An Extra Chromosome. An Extra Dose of Joy!
More than thirty years ago, as a young medical intern, I assisted in the care of a newborn baby girl, who had been abandoned by her birth mother, and whom I named Nathalie. I wanted to adopted her in spite of her many health problems frequently seen in those born with Down Syndrome. At the end, a much older, and married, nurse who had taken care of Nathalie and fallen in love with her as I had, convinced me that she and her husband could give the baby a much better care than I could.
My acquaintance with DS came early in life. In my teenage years, one of my best friends had a baby brother born with the syndrome. I loved to play with that baby every time I visited their home, which was often. He was always so happy and smiling.
Then, sixteen years ago, my family received our own little angel. As a matter of fact, the day she was born, I was serving in the Los Angeles Temple when the Spirit whispered to me that that was indeed what she was, “an angel,” granted, a mischievous one, but still an angel.
At sixteen, she is prompt to say she is not a little girl anymore but counts Barney, the dinosaur, among her best friends still. She loves to pose for pictures and give kisses even in her sleep. Nothing equals the feeling of being waken up by her arms around you and after showering you with wet kisses, saying in a sleepy voice, “It’s just me, tia Patty.”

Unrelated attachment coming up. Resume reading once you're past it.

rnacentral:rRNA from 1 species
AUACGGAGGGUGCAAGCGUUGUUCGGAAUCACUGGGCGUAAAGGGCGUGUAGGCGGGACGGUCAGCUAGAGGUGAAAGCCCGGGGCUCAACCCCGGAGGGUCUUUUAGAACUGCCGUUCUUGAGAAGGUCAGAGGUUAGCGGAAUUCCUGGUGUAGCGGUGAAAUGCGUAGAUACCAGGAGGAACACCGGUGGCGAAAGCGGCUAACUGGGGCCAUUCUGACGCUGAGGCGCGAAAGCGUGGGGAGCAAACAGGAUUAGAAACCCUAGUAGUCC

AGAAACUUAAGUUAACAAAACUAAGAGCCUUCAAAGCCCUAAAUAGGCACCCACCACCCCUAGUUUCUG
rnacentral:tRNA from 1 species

Down Syndrome is still clouded with negative connotations, though. Pregnant women are encouraged to abort such children and if they do not, people around them judged them, feel duty bound to feel sorry for them, or shun them.
There is nothing Down in Down Syndrome, folks. Children with DS are able to go to school and learn, to sing and dance, to work, but especially, they are uniquely endowed with the sweetest spirits you will ever encounter. They are quick to forgive, and to trust. They are full of empathy and will cry if they see you cry. They are innocent and naive in some instances and yet so mature in others. They radiate positive emotions, joy, trust, empathy, faith. They will know when you need a hug and give it to you without asking. But most importantly, they know how to love, and they love without limits.
So, today in the Down Syndrome International Day, I want to express my love and appreciation to all the Nathalies, Panchitos, and Angelas in the world, and others like them. To you and your amazing parents and families, thank you for your example and your love, for making the world a better one, for teaching us how we should behave towards others. I for one am listening and I love you back!
This is just my opinion...
As a single woman, a Mormon and a western/ Chinese doctor.